Scythe is a dystopian young adult novel by Neal Shusterman, and it tells the tale of a futuristic society in which all forms of death have been eradicated, and the only way a human can die is by being ‘gleaned’, a word which is synonymous with murder. However, only a few selection of trained individuals–known as ‘scythes’–have the ability to grant death to whomever they seem deserves it. Citra and Rowan, two teenage children living in the newly-titled ‘MidMerica’ are chosen to become apprentices to Scythe Faraday, only to get caught up in a gruesome power play involving murder, double-crossings and a deep set of adversary between those who have the power to glean.
Delving into this novel after reading Stalking Jack the Ripper, my hopes were not especially high with this novel, but I can certainly say that I found this novel thoroughly enjoyable in all facets. A common trope found among young-adult dystopian novels is a divided set of individuals based on a near-cataclysmic war, (The Hunger Games’ districts; Divergent’s factions) but I was pleasantly surprised to learn that Shusterman, in many ways, manages to deviate from these tropes and cliches without failure, and it is thinking–and, in turn, writing–like this that sends his novel soaring into the extensive list of excellent young adult fiction. There were a wide variety of facets and subplots sprinkled throughout this novel that I had never seen before, and–as a self-proclaimed dystopian novel connoisseur–this kept me hanging on to each word.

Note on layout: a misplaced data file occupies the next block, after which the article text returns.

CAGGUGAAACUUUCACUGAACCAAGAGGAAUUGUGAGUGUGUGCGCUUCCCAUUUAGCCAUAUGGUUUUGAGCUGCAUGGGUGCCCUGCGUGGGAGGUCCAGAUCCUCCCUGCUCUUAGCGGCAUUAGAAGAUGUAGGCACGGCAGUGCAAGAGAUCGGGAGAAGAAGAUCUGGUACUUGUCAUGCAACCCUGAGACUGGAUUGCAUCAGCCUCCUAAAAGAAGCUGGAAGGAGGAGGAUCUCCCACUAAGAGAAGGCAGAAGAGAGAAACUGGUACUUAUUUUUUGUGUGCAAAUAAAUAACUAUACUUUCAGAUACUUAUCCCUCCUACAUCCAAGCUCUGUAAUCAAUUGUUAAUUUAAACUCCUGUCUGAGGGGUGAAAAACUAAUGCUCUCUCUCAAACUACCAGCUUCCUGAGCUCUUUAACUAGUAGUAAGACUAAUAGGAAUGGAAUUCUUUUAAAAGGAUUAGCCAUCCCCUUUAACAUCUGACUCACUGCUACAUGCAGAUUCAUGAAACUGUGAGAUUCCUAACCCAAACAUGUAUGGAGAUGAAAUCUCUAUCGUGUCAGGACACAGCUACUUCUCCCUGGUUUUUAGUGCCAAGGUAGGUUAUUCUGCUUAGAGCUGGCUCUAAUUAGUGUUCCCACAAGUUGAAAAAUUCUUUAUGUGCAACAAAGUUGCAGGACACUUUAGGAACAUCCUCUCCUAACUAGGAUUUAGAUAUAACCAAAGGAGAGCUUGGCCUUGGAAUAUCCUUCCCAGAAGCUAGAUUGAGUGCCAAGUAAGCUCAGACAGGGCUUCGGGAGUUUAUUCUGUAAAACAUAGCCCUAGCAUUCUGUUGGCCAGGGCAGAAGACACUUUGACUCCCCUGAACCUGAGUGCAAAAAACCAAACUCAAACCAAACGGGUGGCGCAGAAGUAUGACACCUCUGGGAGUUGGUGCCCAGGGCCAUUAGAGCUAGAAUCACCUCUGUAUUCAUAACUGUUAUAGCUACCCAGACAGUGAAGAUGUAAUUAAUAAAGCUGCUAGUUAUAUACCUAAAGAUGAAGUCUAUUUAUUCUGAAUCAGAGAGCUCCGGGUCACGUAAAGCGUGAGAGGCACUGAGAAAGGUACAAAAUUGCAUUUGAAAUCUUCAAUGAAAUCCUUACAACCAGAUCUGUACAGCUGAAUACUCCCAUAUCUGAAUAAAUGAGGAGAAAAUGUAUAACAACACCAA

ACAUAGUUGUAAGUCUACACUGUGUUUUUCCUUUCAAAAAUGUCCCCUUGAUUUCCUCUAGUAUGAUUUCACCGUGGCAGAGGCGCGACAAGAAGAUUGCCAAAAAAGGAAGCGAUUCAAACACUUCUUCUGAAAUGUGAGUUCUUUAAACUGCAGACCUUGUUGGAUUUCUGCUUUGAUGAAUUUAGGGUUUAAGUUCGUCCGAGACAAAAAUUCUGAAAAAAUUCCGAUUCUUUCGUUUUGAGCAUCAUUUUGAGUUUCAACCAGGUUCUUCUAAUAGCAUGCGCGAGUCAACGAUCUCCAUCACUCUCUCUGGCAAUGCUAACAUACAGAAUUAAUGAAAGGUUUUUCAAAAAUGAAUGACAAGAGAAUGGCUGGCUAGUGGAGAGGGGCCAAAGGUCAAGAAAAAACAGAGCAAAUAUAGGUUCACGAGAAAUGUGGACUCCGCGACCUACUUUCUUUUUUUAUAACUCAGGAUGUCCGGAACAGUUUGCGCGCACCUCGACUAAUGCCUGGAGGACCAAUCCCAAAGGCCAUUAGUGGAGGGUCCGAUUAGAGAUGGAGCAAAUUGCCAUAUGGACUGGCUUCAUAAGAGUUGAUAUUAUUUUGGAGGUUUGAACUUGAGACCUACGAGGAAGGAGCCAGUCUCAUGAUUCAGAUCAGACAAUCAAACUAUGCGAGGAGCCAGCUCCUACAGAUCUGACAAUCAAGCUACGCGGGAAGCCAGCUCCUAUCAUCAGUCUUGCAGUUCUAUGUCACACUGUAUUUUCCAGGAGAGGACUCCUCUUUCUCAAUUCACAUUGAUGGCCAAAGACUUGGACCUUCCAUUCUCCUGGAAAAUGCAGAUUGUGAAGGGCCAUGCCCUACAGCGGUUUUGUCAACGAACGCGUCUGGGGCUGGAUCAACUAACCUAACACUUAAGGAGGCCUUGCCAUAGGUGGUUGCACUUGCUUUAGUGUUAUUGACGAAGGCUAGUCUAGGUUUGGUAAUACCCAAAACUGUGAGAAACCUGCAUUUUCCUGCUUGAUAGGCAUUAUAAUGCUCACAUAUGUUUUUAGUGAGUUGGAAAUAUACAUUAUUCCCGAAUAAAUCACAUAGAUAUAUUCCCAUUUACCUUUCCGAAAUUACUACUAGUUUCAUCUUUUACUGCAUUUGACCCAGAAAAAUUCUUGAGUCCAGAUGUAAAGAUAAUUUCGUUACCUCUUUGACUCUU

The novel also incorporates a significant number of plot twists and interesting dialogue, and coupled with the likeable characters and interesting political systems, it is hard to set this book in parallel to any other story I have ever had the privilege of reading–and that’s what makes the novel so memorable! I will certainly be making my way back to Squishy Minnie Bookstore as soon as I can to purchase the book’s sequel, titled Thunderhead.